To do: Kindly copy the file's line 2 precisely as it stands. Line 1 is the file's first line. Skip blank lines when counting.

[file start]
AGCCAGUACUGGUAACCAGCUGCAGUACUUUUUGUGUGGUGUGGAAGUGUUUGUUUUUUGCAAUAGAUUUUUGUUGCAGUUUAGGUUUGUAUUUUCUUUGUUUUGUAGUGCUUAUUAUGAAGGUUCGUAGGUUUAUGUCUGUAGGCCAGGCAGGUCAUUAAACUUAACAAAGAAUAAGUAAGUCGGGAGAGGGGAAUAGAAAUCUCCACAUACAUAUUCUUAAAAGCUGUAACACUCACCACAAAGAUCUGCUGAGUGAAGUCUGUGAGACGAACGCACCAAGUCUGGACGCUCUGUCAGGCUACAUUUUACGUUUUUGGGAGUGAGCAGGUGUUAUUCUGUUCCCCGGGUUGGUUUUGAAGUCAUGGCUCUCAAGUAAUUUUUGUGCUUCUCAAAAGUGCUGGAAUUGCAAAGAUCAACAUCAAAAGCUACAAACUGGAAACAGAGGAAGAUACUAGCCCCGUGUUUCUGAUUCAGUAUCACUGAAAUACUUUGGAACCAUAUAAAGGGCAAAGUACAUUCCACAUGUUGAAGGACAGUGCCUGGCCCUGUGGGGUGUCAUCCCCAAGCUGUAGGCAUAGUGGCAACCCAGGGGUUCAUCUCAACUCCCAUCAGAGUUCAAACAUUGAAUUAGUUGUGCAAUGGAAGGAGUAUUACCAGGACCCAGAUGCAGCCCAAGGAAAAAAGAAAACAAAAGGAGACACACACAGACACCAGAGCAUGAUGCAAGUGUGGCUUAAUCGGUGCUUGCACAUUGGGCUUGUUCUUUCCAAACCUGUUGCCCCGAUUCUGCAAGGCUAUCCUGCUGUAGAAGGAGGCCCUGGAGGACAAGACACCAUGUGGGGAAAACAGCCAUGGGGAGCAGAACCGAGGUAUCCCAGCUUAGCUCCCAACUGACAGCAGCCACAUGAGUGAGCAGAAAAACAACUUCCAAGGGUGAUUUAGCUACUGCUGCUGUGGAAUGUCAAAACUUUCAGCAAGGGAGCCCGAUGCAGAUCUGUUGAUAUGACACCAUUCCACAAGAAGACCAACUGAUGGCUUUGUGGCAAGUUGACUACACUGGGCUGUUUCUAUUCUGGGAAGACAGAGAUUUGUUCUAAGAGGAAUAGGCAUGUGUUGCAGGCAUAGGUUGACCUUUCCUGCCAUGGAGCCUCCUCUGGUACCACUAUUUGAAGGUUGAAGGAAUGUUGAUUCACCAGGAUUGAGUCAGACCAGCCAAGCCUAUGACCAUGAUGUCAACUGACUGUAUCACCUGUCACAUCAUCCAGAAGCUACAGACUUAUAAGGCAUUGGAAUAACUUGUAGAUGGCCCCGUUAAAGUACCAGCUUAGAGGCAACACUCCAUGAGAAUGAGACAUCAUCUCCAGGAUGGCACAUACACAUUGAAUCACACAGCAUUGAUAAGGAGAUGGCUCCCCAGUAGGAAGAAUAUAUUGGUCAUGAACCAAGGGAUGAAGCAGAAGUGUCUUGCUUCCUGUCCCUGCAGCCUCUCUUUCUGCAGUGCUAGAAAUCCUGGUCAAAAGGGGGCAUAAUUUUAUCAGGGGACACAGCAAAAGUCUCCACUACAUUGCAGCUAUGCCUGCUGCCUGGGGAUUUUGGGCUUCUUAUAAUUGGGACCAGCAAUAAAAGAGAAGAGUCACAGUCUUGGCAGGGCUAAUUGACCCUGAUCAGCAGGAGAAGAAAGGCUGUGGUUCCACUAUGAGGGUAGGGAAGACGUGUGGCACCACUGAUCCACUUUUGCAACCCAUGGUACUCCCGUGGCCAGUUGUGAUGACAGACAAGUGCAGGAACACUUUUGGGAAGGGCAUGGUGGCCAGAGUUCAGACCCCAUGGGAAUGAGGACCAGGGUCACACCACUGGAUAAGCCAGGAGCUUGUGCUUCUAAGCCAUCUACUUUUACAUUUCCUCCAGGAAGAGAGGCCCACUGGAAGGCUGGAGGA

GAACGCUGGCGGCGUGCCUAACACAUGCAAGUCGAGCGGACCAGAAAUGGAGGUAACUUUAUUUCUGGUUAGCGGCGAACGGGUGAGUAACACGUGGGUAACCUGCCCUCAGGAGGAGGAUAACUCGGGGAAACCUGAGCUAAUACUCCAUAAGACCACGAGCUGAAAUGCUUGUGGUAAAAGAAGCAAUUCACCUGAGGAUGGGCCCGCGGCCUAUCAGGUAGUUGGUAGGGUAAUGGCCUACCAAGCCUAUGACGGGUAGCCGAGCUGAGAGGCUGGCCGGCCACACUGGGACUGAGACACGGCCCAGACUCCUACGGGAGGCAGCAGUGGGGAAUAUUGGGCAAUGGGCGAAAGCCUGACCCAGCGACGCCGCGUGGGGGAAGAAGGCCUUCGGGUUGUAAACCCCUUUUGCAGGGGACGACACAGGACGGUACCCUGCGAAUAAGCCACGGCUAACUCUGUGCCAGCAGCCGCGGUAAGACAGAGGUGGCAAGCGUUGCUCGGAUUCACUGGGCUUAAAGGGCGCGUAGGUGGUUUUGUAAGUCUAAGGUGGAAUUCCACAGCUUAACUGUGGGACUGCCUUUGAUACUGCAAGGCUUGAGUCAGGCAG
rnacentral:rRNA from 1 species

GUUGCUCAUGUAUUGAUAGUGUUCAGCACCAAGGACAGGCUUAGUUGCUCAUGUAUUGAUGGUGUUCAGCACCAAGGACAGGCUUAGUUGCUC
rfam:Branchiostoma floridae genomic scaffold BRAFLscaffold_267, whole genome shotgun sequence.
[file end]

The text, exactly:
GAACGCUGGCGGCGUGCCUAACACAUGCAAGUCGAGCGGACCAGAAAUGGAGGUAACUUUAUUUCUGGUUAGCGGCGAACGGGUGAGUAACACGUGGGUAACCUGCCCUCAGGAGGAGGAUAACUCGGGGAAACCUGAGCUAAUACUCCAUAAGACCACGAGCUGAAAUGCUUGUGGUAAAAGAAGCAAUUCACCUGAGGAUGGGCCCGCGGCCUAUCAGGUAGUUGGUAGGGUAAUGGCCUACCAAGCCUAUGACGGGUAGCCGAGCUGAGAGGCUGGCCGGCCACACUGGGACUGAGACACGGCCCAGACUCCUACGGGAGGCAGCAGUGGGGAAUAUUGGGCAAUGGGCGAAAGCCUGACCCAGCGACGCCGCGUGGGGGAAGAAGGCCUUCGGGUUGUAAACCCCUUUUGCAGGGGACGACACAGGACGGUACCCUGCGAAUAAGCCACGGCUAACUCUGUGCCAGCAGCCGCGGUAAGACAGAGGUGGCAAGCGUUGCUCGGAUUCACUGGGCUUAAAGGGCGCGUAGGUGGUUUUGUAAGUCUAAGGUGGAAUUCCACAGCUUAACUGUGGGACUGCCUUUGAUACUGCAAGGCUUGAGUCAGGCAG